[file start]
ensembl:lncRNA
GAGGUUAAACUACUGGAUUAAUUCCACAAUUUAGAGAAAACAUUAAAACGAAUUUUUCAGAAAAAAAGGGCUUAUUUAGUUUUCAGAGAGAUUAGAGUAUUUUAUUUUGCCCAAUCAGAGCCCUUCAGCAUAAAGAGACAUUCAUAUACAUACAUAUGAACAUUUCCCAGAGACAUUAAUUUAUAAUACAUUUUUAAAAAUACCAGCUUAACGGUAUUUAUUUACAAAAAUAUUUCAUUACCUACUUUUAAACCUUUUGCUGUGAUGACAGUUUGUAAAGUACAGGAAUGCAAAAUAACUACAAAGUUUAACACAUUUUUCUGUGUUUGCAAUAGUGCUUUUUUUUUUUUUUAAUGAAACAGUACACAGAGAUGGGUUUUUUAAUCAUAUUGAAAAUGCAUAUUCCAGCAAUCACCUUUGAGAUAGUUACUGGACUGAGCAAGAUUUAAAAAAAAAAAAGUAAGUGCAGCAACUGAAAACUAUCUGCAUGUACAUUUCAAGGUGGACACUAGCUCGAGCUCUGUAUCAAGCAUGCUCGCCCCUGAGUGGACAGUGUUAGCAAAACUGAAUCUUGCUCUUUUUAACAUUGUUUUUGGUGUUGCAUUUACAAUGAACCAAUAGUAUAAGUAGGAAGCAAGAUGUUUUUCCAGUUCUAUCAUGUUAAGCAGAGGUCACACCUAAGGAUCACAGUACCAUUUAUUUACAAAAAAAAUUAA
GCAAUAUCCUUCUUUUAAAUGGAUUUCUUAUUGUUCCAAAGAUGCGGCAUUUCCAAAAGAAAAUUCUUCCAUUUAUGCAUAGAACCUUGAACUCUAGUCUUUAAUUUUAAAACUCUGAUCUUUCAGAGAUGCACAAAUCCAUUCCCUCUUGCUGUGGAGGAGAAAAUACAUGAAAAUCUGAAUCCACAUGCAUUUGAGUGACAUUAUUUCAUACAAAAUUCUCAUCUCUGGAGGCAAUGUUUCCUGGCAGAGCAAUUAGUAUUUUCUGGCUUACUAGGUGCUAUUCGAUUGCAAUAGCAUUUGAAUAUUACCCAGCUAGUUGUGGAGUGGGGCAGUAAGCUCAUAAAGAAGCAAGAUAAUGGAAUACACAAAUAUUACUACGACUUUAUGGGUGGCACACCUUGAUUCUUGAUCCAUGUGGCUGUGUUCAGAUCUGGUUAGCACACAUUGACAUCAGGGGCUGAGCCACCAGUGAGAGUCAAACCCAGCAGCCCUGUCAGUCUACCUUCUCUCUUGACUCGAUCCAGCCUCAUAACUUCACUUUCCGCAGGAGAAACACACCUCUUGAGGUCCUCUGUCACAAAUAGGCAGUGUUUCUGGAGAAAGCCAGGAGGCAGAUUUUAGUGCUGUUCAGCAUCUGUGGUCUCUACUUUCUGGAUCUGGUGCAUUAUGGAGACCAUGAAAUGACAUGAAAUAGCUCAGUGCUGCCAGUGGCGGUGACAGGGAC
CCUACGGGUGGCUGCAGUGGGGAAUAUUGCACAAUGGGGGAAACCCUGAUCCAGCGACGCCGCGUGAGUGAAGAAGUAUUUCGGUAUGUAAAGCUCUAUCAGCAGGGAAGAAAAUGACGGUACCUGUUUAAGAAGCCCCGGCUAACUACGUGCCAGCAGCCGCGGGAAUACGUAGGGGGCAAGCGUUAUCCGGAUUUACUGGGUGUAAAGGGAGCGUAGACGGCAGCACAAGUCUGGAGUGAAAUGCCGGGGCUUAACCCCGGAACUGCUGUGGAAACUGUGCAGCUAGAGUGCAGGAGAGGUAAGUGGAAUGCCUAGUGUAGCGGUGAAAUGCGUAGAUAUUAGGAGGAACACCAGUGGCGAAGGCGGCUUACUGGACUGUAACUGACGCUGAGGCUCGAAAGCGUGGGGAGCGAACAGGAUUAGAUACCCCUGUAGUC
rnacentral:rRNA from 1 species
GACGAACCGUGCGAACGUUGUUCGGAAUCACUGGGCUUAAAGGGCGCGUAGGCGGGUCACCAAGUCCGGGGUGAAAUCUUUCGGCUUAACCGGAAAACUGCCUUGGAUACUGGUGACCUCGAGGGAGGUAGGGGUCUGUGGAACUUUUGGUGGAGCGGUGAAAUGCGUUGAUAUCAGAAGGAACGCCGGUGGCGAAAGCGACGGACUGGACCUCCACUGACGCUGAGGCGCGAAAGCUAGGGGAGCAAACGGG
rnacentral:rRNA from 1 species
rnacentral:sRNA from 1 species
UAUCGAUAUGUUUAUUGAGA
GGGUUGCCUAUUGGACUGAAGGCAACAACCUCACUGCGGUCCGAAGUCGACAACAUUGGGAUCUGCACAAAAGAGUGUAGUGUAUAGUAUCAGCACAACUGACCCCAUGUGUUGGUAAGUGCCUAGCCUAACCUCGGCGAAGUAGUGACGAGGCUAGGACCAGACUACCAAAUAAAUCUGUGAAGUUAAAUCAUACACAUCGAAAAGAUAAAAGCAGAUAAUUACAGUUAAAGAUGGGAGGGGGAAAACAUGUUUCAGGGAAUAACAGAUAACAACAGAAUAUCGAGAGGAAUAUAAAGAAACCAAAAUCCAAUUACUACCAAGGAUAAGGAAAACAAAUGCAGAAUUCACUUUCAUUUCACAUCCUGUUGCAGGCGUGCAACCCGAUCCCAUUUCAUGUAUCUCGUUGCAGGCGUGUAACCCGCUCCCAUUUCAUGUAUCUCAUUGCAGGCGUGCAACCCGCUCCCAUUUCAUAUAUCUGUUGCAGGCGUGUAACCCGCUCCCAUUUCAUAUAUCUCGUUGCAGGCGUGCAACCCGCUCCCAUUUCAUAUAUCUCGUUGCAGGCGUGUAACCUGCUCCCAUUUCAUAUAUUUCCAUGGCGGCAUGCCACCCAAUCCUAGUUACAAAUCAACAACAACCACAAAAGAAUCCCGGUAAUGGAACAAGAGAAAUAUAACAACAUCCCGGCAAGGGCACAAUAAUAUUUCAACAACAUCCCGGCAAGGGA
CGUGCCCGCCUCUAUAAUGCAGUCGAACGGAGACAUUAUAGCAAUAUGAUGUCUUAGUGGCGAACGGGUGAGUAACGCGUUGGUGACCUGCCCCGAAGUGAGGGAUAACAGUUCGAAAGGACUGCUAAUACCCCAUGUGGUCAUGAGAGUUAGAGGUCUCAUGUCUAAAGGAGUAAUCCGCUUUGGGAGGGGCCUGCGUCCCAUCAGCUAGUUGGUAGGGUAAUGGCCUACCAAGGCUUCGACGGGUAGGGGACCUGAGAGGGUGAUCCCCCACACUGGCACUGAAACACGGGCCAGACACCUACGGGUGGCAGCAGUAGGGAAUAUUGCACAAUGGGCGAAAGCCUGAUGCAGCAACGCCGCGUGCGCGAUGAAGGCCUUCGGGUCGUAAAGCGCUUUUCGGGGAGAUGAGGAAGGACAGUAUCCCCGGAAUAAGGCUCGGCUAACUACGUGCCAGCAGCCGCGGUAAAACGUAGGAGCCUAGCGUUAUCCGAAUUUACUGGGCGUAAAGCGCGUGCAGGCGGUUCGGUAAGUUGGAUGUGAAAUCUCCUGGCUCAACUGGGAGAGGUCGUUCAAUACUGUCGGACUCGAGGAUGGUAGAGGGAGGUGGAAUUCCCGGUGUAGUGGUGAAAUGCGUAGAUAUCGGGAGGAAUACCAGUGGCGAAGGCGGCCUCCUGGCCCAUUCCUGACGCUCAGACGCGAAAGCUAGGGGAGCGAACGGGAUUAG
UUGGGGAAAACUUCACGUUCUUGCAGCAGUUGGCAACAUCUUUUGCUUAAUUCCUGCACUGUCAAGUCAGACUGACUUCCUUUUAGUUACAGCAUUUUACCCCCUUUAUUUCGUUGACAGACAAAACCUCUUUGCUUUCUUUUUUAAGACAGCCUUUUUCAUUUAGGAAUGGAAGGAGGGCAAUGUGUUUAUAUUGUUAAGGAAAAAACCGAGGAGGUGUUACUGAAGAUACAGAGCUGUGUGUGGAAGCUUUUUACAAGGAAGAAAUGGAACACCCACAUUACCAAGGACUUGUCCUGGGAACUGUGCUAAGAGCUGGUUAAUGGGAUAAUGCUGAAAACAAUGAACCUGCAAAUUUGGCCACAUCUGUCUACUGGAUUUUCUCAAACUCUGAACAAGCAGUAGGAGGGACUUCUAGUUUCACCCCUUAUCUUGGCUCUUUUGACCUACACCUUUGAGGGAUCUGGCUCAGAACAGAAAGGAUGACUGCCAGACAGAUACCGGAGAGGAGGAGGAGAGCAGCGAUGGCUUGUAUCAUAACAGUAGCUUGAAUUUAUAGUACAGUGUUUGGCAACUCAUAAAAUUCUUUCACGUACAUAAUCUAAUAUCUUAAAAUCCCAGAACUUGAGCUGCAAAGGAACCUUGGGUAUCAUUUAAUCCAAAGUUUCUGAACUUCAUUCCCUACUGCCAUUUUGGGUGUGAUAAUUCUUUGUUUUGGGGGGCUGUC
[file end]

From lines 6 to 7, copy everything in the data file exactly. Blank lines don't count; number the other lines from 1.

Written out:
GACGAACCGUGCGAACGUUGUUCGGAAUCACUGGGCUUAAAGGGCGCGUAGGCGGGUCACCAAGUCCGGGGUGAAAUCUUUCGGCUUAACCGGAAAACUGCCUUGGAUACUGGUGACCUCGAGGGAGGUAGGGGUCUGUGGAACUUUUGGUGGAGCGGUGAAAUGCGUUGAUAUCAGAAGGAACGCCGGUGGCGAAAGCGACGGACUGGACCUCCACUGACGCUGAGGCGCGAAAGCUAGGGGAGCAAACGGG
rnacentral:rRNA from 1 species